Comiti Paul Edward, a French journalist and filmmaker, was arrested in Srinagar on 9 December 2017, a day before the World Human Rights day. The reason given by the local police for arresting him is that he had violated the visa norms for foreign nationals in Kashmir. He was kept in the Kothibagh Police station for 4 nights and 3 days before he was granted bail on 12 Dec. His passport has been confiscated along with some of his other belongings by the Jammu and Kashmir Police, including his camera. All along he has been treated well by the police, according to his own account, a privilege scarcely reserved for the local inmates in prisons. (White skin comes along with its own innate benefits. Locals do not have any ‘white’ embassy to support them). He was held in violation of the Section 14B of the Foreigners Act. Comiti Paul has a business visa up to 22 Dec 2018. He was supposed to be produced in court on 18 Dec. but the judge was not there. Soon in the next hearing there will be some decision about him.
The French journalist was commissioned by the TV channel M6 to do a documentary on the Kashmir conflict. The channel is described as the third most watched channel in the French-speaking world. According to him he was on a recce trip before actually working with his own team which had not arrived yet. However, the police believe that he had started participating in protests, interviewing separatists and pellet victims, all activities which fell outside the norms of the business visa. A cursory look at the business visa leaves enough scope to understand that one can probably do the kind of activities that the French Journalist was carrying out. It is also true that getting a journalists’ visa to conflict zones is not easy. Therefore, people who are interested in reporting or filming the happenings in the conflict normally do it under tourist or business visas.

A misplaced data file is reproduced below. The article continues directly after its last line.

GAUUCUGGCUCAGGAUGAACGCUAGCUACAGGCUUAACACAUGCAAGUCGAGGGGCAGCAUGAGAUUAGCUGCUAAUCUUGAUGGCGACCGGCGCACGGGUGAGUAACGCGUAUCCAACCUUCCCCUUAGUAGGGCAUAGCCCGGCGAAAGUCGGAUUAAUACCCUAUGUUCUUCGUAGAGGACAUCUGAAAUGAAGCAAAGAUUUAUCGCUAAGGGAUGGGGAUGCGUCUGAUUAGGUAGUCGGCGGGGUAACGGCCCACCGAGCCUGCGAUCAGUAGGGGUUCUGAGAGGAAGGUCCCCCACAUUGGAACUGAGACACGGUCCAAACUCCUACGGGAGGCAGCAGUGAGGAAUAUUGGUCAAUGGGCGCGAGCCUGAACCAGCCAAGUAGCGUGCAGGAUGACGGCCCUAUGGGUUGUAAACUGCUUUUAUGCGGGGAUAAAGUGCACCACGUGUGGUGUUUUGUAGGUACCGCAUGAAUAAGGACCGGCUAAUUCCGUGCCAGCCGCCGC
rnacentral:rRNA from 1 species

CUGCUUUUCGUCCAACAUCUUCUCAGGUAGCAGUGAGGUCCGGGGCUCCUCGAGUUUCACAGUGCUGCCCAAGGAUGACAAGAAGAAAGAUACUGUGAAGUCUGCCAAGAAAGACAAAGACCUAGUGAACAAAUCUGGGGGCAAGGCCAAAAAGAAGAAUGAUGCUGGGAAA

To his credit, the French journalist and his lawyer are arguing that he had not yet started to film and record. He was merely researching, and paying the people who he worked with, with due receipts etc. The police on the other hand, while respectfully dealing with foreigners, tails them to their doorsteps. Because fewer things are more dangerous than the western ears and eyes on the goings-on in Kashmir. Hence a tab is a must on their activities. In any case, Kashmir is poison-pit of spy agencies. Anything suspicious is fraught with risk.
BEYOND THE SURFACE
Both the French journalist and the police are not saying things as they should be. Because the first disposable item in a conflict zone is truth. Obviously, from what can gather from the circumstances, Comiti Paul had come to film and record, and he could not do so with the help of a tourist visa. He wished to record and tell the world all aspects of the conflict, not just the one supporting the separatists. The police are hiding more than revealing when they state that his filming and recording would have created law and order issue or that he would have “blown up” the local condition, “as is the wont with the media” as the Inspector General of Police put it while talking about the detention of Comiti Paul. Even the claim of the technical violation of visa norms is a ruse. The fact is that dangerous gaze of the international attention (read western) which was sought to be invited on the condition in Kashmir is an anathema to the local administration. And this is not the first time that a foreigner has been arrested.